James Padgett has been around long enough to understand his role and to be solid if something less than a star. We bet Roy Williams would take him in a heart beat: a senior power forward who gets his job done.
Pe'Shon Howard is an effective point guard again after recovering from last year's injury, and Nick Faust has lots of room to grow.
Backup Seth Allen is looking solid although free throws may keep him out of games late.
Shaquille Cleare, Charles Mitchell and Jake Layman are all freshmen forwards and all are getting double digit minutes. Any of the three could emerge as a really good player by the end of the season.
Mark Turgeon has confessed some frustration with his group, but they are still young (11 underclassmen and Wells has only been on campus a few months) and he is a superb teacher. He did a wonderful job last year and we expect he will this year as well.
We're willing to discount Miami's loss to Arizona for a couple of reasons: first of all they missed Reggie Johnson's 10 boards (Johnson is sitting out theirÂ Hawaiian trip with a jammed thumb): Arizona absolutely dominated the boards, 44-19.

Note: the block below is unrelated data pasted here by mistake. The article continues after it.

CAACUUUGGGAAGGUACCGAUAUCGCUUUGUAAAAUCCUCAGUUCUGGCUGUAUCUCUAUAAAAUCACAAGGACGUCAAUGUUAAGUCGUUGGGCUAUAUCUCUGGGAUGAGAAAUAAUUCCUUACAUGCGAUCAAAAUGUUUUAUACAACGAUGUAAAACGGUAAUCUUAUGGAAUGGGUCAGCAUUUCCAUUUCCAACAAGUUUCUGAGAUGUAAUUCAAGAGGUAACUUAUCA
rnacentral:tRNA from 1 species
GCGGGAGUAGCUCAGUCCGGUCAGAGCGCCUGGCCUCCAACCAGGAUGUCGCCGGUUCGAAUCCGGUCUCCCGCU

We know it's not a zero-sum game, but add 10 boards and 12 points (Johnson's normal contribution) and it could have been much closer. Assume for argument's sake that his points would have made the differenceÂ seven.
Still, before the game got out of hand, what struck us was this: Miami was playing like a very competent team.
Frank Haith rarely managed that trick. We suspect Jim Larranaga will have this group performing at high efficiency.
We'll confess to being very curious about Georgia Tech. We know they're young and still rebuilding, but we remember Dayton's game against UNC in the NIT. Brian Gregory is a solid coach and learned his craft from Tom Izzo, so we're guessing the Yellow Jackets soon will be very good at defense and rebounding and high percentage decisions.
There are a lot of nice athletes on this team and if everyone buys in and learns quickly, they could be
Virginia has had some tough luck, but if they can get Jontel Evans back as a defensive factor, they'll do better than people think. They have some solid building blocks in (a healthy) Evans, Joe Harris who is sort of a poor man's Jerry Sloan (as a player obviously) and Akil Mitchell, whose improvement since last year is as impressive as anyone's in the conference.
Justin Anderson has not yet had a huge impact, but his talent is very real.
But of course only two teams are in the Top 25 right now.
However, if you squint a bit, the Top 25 looks quiteÂ different:
Duke is #1, soon-to-join Louisville #4, up-and-coming ACC member Syracuse is #9, Notre Dame is #21 and Pitt #24. Add State and that's six; add UNC, as the Heels won't be down long, and that's almost a third of the Top 25.
Just not this year.